Since transmission electron microscopy began to be applied to observations of the structure of dislocation that takes place during fatigue deformation process, many investigations on this field have been reported. Consequently it has been made clear that the dislocation structure in fatigued metals is greatly affected by the stress or strain amplitude and also by the stacking fault energy in face centered cubic metals.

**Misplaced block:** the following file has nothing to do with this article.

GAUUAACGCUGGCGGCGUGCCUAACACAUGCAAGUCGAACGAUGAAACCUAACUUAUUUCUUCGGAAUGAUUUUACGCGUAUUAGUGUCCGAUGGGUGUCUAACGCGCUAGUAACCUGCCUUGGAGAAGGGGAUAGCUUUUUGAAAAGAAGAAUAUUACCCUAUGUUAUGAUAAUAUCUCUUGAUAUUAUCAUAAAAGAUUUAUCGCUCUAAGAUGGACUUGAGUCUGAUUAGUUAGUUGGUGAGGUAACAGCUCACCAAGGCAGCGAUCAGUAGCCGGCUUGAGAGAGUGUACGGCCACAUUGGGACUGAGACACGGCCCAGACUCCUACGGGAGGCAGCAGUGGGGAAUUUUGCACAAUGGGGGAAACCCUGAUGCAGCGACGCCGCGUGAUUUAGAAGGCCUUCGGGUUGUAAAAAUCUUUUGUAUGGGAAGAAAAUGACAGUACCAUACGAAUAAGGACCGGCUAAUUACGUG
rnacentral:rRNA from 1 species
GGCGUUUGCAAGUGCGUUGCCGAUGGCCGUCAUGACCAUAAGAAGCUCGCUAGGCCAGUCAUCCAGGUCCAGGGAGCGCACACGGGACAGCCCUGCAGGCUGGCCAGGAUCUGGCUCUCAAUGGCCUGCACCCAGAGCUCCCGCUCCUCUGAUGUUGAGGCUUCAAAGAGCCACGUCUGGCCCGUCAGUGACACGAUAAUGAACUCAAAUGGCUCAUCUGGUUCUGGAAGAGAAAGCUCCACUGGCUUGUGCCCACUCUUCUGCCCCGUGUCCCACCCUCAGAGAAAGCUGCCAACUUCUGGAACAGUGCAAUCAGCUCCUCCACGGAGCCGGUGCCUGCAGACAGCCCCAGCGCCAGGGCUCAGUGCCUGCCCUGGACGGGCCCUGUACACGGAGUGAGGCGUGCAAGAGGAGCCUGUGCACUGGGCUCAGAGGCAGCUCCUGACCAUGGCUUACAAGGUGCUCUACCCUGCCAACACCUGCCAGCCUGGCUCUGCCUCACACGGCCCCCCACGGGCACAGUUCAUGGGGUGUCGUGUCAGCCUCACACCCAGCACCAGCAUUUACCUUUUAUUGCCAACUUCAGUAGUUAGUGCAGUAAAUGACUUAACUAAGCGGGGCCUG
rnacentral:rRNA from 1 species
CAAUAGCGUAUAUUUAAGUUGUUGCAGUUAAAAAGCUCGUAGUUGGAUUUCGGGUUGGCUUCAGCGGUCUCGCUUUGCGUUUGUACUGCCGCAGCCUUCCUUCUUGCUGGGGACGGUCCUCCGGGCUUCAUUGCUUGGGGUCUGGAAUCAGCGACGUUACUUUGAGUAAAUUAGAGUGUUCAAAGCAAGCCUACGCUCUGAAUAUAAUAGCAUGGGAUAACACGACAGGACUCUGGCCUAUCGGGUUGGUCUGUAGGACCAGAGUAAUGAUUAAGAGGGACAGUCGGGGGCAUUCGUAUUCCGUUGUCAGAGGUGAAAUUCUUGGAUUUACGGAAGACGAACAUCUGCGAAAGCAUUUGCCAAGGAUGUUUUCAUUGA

The authors have investigated the fatigue deformation process in 18-8 austenitic steel having very low stacking fault energy from the viewpoint of the morphology of microscopic slip line and the crystallographic micro-lattice strain, and have been able to clarify the features of fatigue deformation in the materials of low stacking fault energy to a certain extent. Hitherto only a few studies on dislocation structure in austenitic stainless steel have been reported by means of transmission electron microscopy. Therefore for the purpose of clarifying the behavior of dislocation in fatigue stressed 18-8 austenitic steel, electron microscopic observation was made of the specimens cycled variously at both low and high stress levels, and at the same time their dislocation structure in the course of their tension was also observed, and on the results of these observations the characteristic features of fatigue deformation in the materials of low stacking fault energy were examined.